In situations such as these, it is paramount that we lay aside our differences, and take up the soup ladle. Chopping carrots, side-by-side, to show the world that Christ truly is in our midst.

3. Hold language and culture courses.

Because teaching them the culture and language of their new land can enable them to better integrate. And could even turn possible foes into friends.

4. Help people regain their loss of dignity, and work through their PTSD.

Help them get counseling for their probable Post Traumatic Syndrome Disorder. And treat them as equals. We have found that the greatest gift we can give is friendship. It helps them start believing in themselves again. And to see themselves as the persons of worth and dignity they are.

5. Get Bible resources into their hands.

ChristForAllPeoples.org offers the Jesus Film DVDs in many languages. At Bible.com you can find the Bible in over 900 languages. And Creation to Christ has downloads of their Gospel presentation video in many languages. Check out the English version here.

This crisis has spawned great controversy. Disagreement over solutions, confusing policies. But there is one thing, in particular, that we believers must keep in mind.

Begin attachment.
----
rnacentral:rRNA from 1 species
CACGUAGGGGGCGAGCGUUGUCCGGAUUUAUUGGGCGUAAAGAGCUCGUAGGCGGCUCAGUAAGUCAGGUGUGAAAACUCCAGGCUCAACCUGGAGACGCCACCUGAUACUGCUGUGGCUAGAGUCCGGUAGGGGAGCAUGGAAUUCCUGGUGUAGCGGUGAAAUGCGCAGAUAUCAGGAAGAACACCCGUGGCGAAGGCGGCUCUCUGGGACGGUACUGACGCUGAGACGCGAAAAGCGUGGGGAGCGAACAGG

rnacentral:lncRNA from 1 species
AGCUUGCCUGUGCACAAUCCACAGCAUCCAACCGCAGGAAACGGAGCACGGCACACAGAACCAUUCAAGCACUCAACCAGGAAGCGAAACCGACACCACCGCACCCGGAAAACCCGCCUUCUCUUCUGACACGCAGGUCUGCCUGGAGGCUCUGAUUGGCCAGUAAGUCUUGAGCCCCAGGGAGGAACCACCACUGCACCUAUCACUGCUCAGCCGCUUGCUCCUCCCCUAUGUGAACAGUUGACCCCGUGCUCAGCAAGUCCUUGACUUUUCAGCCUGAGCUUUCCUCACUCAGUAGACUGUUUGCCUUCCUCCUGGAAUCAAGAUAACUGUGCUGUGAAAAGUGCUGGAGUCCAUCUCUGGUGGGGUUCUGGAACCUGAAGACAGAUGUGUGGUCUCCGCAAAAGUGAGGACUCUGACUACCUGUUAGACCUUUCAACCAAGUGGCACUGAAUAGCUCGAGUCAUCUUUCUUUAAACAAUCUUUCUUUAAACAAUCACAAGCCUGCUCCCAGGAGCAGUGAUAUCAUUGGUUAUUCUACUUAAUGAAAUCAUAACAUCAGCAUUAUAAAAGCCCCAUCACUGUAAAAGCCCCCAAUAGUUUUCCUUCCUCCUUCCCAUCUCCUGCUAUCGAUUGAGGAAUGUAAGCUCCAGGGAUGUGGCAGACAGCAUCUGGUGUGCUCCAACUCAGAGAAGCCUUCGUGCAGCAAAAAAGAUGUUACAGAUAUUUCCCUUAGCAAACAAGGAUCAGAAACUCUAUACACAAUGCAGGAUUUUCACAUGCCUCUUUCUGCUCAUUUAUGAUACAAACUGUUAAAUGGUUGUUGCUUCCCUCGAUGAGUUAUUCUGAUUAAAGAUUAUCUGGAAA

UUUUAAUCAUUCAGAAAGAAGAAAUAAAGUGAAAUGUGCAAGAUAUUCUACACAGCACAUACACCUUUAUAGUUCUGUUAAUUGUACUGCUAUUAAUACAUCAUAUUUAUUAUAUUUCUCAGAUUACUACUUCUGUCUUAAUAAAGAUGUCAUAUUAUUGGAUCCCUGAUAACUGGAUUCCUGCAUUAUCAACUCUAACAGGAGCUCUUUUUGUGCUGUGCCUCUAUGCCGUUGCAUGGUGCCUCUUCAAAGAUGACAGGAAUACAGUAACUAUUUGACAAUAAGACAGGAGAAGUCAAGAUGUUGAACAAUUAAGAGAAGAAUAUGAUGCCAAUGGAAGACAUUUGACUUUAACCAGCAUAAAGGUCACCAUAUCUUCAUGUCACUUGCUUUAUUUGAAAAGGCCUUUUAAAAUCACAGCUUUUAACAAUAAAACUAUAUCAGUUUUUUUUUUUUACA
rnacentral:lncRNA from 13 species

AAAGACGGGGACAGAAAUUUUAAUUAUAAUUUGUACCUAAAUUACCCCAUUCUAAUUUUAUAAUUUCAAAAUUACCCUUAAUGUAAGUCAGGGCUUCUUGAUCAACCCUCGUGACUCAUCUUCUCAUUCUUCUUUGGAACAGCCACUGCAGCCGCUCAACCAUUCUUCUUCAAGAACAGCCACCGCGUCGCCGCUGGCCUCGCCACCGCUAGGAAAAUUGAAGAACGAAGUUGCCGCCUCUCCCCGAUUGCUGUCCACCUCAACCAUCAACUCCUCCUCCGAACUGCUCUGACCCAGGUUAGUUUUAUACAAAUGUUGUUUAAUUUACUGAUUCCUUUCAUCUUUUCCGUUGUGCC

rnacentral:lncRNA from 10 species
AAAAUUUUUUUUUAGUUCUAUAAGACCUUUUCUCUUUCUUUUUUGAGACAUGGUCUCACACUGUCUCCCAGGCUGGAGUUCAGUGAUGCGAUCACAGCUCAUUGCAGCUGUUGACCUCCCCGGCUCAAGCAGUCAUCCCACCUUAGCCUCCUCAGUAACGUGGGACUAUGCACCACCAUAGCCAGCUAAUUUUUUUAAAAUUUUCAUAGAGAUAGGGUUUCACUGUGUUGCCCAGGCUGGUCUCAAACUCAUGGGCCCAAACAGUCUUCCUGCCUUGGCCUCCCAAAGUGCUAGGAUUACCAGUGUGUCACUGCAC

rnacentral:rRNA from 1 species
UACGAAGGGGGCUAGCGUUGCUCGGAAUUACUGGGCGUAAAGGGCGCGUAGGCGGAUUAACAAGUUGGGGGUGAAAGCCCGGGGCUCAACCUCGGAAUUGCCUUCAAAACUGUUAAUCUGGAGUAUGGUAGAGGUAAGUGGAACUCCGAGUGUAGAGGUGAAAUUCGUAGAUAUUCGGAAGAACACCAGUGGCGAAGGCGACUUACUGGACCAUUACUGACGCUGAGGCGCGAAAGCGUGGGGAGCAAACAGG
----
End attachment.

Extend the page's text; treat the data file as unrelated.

Both refugees and immigrants are in our nations because God has allowed them to come.

Now, what does he want us to do with them? We could grumble and complain, resenting the extra burden. We could even ignore them and walk away.

Or we could see this crisis as God’s way of helping us complete the Great Commission.

“Go into all the nations,” God said. Yet so many around the world still need to hear the Good News of God’s love and mercy. So perhaps he decided to bring them to us, both refugees and immigrants.

The Mission Field is now right next door to us. People of many nations: Syrians, Iraqis, Pakistani, Bangladeshi, and many African ethnicities. No one could ever go to all the nations, but they are now coming to us.

And now with the mission field right next door, what excuse do we have for not going?